I recently upgraded from Photoshop CS5 to Photoshop CC and it has been a great improvement overall. However, I still have my old Canoscan LIDE 25 scanner that uses TWAIN. If you remember, this involved a bit of tweaking when I went to get it to work with CS5 and CS6.
At any rate, here’s how you get your Canon Canoscan LiDE25 (or other TWAIN scanner) working with Photoshop CC on Windows 7:
- Install the CanoScan LIDE 25 driver. You can find that on the Canon download page (or download it here locally if they ever stop updating it)
- Adobe does not have TWAIN support installed in Photoshop by default anymore. Instead, you must download their Optional Plugin pack. It’s important to note that you download the CS6 plugin pack for CS6 or CC editions. Also note, the TWAIN support only works on the 32-bit version of Photoshop. It will NOT work on 64-bit versions of Photoshop.
- Download the Optional pack
- Close Photoshop
- Install the option pack by copying it in the right plugin directory for your 32-bit version of Photoshop (see their website for the right directory)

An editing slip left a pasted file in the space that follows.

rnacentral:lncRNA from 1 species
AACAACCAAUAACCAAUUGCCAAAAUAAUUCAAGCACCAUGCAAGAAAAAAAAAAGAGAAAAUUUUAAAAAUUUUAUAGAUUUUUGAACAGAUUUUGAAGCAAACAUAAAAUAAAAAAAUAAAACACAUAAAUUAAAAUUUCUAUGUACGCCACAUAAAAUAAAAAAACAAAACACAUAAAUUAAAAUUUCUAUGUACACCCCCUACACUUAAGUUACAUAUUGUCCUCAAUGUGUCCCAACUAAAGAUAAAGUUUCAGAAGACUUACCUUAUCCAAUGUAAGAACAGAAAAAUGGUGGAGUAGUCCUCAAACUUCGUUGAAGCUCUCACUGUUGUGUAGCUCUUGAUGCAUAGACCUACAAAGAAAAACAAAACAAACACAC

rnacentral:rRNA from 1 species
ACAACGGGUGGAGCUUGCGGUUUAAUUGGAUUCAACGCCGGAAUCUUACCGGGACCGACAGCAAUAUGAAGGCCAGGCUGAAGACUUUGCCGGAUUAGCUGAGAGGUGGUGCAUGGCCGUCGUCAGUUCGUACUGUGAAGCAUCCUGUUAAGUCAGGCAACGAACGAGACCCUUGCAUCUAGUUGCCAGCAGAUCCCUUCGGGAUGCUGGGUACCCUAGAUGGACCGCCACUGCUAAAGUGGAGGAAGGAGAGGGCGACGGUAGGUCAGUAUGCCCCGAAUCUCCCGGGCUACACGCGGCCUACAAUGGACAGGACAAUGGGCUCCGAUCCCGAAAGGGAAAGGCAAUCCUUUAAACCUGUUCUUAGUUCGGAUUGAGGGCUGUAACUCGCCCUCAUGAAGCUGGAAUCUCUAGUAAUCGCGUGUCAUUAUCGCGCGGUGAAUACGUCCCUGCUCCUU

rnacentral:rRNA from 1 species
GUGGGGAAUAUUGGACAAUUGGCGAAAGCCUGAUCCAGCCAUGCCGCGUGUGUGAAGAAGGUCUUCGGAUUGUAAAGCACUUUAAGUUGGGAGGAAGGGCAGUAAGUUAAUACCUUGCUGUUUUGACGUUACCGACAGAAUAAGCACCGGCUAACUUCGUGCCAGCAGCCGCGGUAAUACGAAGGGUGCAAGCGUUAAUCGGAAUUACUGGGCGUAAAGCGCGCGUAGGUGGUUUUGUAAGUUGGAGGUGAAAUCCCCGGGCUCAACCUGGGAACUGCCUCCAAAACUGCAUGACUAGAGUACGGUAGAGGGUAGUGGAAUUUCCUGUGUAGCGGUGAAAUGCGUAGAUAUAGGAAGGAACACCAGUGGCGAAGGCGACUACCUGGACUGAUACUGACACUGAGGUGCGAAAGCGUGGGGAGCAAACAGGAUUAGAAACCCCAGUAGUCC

- Open Photoshop (32-bit version)
- So, you installed the scanner driver and Photoshop is updated. I open Photoshop and go to File->Import->Canoscan LiDE25. Sadly, I then get this error message: “Could not open the TWAIN source. Make sure there is a valid source for your scanner in the TWAIN Directory found in the Window Directory.”Hmmm, what is going on? I try running the CanoScan Toolbox and when I copy/PDF and hit the ‘Copy’ or ‘Scan’ button, I get this error message: “Unable to open TWAIN source. Please check connection then re-start Toolbox.” However, if I use a 3rd party tool like VueScan – it is able to capture scans just fine. So I know the scanner is physically working.
- I found this badly aged/broken blog entry, but it describes the solution:
- Go to your
- You should see a sub-folder with a number/letter combination, Mine is:
- Add that to your system path variable
- Right-click on Computer -> Properties -> Advanced system settings -> Advanced -> Environment Variables
- In the bottom System variables scroll-box, find the ‘Path’ variable
- Click edit and go to the far right of the ‘Variable value:’ field. Enter the directory to the end of the list, separating it from previous entries by a ‘;’. Google adding a directory to system path in Windows if you need more help.
- Save and close the system settings
- Go to your
- Restart Photoshop 32-bit – and you should have success!